Authenticating and connecting to a SSL enabled Scylla cluster using Spark 2

This quick article is a wrap up for reference on how to connect to ScyllaDB using Spark 2 when authentication and SSL are enforced for the clients on the Scylla cluster.

We encountered multiple problems, even more since we distribute our workload using a YARN cluster so that our worker nodes should have everything they need to connect properly to Scylla.

We found very little help online so I hope it will serve anyone facing similar issues (that’s also why I copy/pasted them here).

The authentication part is easy going by itself and was not the source of our problems, SSL on the client side was.

Environment

  • (py)spark: 2.1.0.cloudera2
  • spark-cassandra-connector: datastax:spark-cassandra-connector: 2.0.1-s_2.11
  • python: 3.5.5
  • java: 1.8.0_144
  • scylladb: 2.1.5

SSL cipher setup

The Datastax spark cassandra driver uses default the TLS_RSA_WITH_AES_256_CBC_SHA cipher that the JVM does not support by default. This raises the following error when connecting to Scylla:

18/07/18 13:13:41 WARN channel.ChannelInitializer: Failed to initialize a channel. Closing: [id: 0x8d6f78a7]
java.lang.IllegalArgumentException: Cannot support TLS_RSA_WITH_AES_256_CBC_SHA with currently installed providers

According to the ssl documentation we have two ciphers available:

  1. TLS_RSA_WITH_AES_256_CBC_SHA
  2. TLS_RSA_WITH_AES_128_CBC_SHA

We can get get rid of the error by lowering the cipher to TLS_RSA_WITH_AES_128_CBC_SHA using the following configuration:

.config("spark.cassandra.connection.ssl.enabledAlgorithms", "TLS_RSA_WITH_AES_128_CBC_SHA")\

However, this is not really a good solution and instead we’d be inclined to use the TLS_RSA_WITH_AES_256_CBC_SHA version. For this we need to follow this Datastax’s procedure.

Then we need to deploy the JCE security jars on our all client nodes, if using YARN like us this means that you have to deploy these jars to all your NodeManager nodes.

For example by hand:

# unzip jce_policy-8.zip
# cp UnlimitedJCEPolicyJDK8/*.jar /opt/oracle-jdk-bin-1.8.0.144/jre/lib/security/

Java trust store

When connecting, the clients need to be able to validate the Scylla cluster’s self-signed CA. This is done by setting up a trustStore JKS file and providing it to the spark connector configuration (note that you protect this file with a password).

keyStore vs trustStore

In SSL handshake purpose of trustStore is to verify credentials and purpose of keyStore is to provide credentials. keyStore in Java stores private key and certificates corresponding to the public keys and is required if you are a SSL Server or SSL requires client authentication. TrustStore stores certificates from third parties or your own self-signed certificates, your application identify and validates them using this trustStore.

The spark-cassandra-connector documentation has two options to handle keyStore and trustStore.

When we did not use the trustStore option, we would get some obscure error when connecting to Scylla:

com.datastax.driver.core.exceptions.TransportException: [node/1.1.1.1:9042] Channel has been closed

When enabling DEBUG logging, we get a clearer error which indicated a failure in validating the SSL certificate provided by the Scylla server node:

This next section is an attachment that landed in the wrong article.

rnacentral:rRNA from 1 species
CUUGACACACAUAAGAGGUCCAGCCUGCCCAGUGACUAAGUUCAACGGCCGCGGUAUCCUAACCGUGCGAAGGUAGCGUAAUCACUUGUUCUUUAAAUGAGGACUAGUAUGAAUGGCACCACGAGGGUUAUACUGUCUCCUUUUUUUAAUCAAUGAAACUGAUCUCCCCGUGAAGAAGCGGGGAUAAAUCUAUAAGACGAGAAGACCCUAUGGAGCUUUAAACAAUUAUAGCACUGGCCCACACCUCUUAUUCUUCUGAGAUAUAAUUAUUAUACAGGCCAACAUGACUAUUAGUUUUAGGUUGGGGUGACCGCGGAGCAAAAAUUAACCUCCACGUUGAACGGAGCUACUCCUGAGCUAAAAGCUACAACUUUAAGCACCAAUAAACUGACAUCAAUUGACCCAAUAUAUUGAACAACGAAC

Caused by: sun.security.validator.ValidatorException: PKIX path building failed: sun.security.provider.certpath.SunCertPathBuilderException: unable to find valid certification path to requested target

setting up the trustStore JKS

You need to have the self-signed CA public certificate file, then issue the following command:

# keytool -importcert -file /usr/local/share/ca-certificates/MY_SELF_SIGNED_CA.crt -keystore COMPANY_TRUSTSTORE.jks -noprompt
Enter keystore password:  
Re-enter new password: 
Certificate was added to keystore

using the trustStore

Now you need to configure spark to use the trustStore like this:

.config("spark.cassandra.connection.ssl.trustStore.password", "PASSWORD")\
.config("spark.cassandra.connection.ssl.trustStore.path", "COMPANY_TRUSTSTORE.jks")\

Spark SSL configuration example

This wraps up the SSL connection configuration used for spark.

This example uses pyspark2 and reads a table in Scylla from a YARN cluster:

$ pyspark2 --packages datastax:spark-cassandra-connector:2.0.1-s_2.11 --files COMPANY_TRUSTSTORE.jks

>>> spark = SparkSession.builder.appName("scylla_app")\
.config("spark.cassandra.auth.password", "test")\
.config("spark.cassandra.auth.username", "test")\
.config("spark.cassandra.connection.host", "node1,node2,node3")\
.config("spark.cassandra.connection.ssl.clientAuth.enabled", True)\
.config("spark.cassandra.connection.ssl.enabled", True)\
.config("spark.cassandra.connection.ssl.trustStore.password", "PASSWORD")\
.config("spark.cassandra.connection.ssl.trustStore.path", "COMPANY_TRUSTSTORE.jks")\
.config("spark.cassandra.input.split.size_in_mb", 1)\
.config("spark.yarn.queue", "scylla_queue").getOrCreate()

>>> df = spark.read.format("org.apache.spark.sql.cassandra").options(table="my_table", keyspace="test").load()
>>> df.show()

2 thoughts on “Authenticating and connecting to a SSL enabled Scylla cluster using Spark 2

  1. Pingback: Links 20/7/2018: MusicBrainz is Back, Microsoft Pushing .NET Through Canonical | Techrights

Leave a Reply

Your email address will not be published. Required fields are marked *

This site uses Akismet to reduce spam. Learn how your comment data is processed.